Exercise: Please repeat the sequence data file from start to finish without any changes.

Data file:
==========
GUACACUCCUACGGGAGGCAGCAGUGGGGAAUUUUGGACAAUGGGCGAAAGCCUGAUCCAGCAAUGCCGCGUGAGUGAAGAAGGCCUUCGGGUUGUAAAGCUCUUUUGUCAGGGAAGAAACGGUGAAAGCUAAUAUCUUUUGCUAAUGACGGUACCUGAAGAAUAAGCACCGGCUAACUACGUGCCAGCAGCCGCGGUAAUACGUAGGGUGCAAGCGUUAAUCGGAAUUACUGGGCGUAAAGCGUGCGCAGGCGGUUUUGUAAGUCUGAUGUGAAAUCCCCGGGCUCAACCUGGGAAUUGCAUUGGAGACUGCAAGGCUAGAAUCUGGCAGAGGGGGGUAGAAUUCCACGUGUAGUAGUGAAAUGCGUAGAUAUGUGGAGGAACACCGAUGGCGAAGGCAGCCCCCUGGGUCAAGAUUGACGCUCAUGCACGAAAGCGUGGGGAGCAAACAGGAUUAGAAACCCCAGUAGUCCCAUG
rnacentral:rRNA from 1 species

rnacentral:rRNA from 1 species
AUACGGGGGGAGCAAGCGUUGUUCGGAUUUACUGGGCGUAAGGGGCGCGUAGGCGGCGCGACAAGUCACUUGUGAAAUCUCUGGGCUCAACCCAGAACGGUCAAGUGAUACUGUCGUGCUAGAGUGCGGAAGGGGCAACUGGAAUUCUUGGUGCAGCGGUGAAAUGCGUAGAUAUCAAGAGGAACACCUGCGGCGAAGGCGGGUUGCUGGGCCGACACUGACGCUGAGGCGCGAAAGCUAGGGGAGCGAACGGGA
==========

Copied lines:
GUACACUCCUACGGGAGGCAGCAGUGGGGAAUUUUGGACAAUGGGCGAAAGCCUGAUCCAGCAAUGCCGCGUGAGUGAAGAAGGCCUUCGGGUUGUAAAGCUCUUUUGUCAGGGAAGAAACGGUGAAAGCUAAUAUCUUUUGCUAAUGACGGUACCUGAAGAAUAAGCACCGGCUAACUACGUGCCAGCAGCCGCGGUAAUACGUAGGGUGCAAGCGUUAAUCGGAAUUACUGGGCGUAAAGCGUGCGCAGGCGGUUUUGUAAGUCUGAUGUGAAAUCCCCGGGCUCAACCUGGGAAUUGCAUUGGAGACUGCAAGGCUAGAAUCUGGCAGAGGGGGGUAGAAUUCCACGUGUAGUAGUGAAAUGCGUAGAUAUGUGGAGGAACACCGAUGGCGAAGGCAGCCCCCUGGGUCAAGAUUGACGCUCAUGCACGAAAGCGUGGGGAGCAAACAGGAUUAGAAACCCCAGUAGUCCCAUG
rnacentral:rRNA from 1 species

rnacentral:rRNA from 1 species
AUACGGGGGGAGCAAGCGUUGUUCGGAUUUACUGGGCGUAAGGGGCGCGUAGGCGGCGCGACAAGUCACUUGUGAAAUCUCUGGGCUCAACCCAGAACGGUCAAGUGAUACUGUCGUGCUAGAGUGCGGAAGGGGCAACUGGAAUUCUUGGUGCAGCGGUGAAAUGCGUAGAUAUCAAGAGGAACACCUGCGGCGAAGGCGGGUUGCUGGGCCGACACUGACGCUGAGGCGCGAAAGCUAGGGGAGCGAACGGGA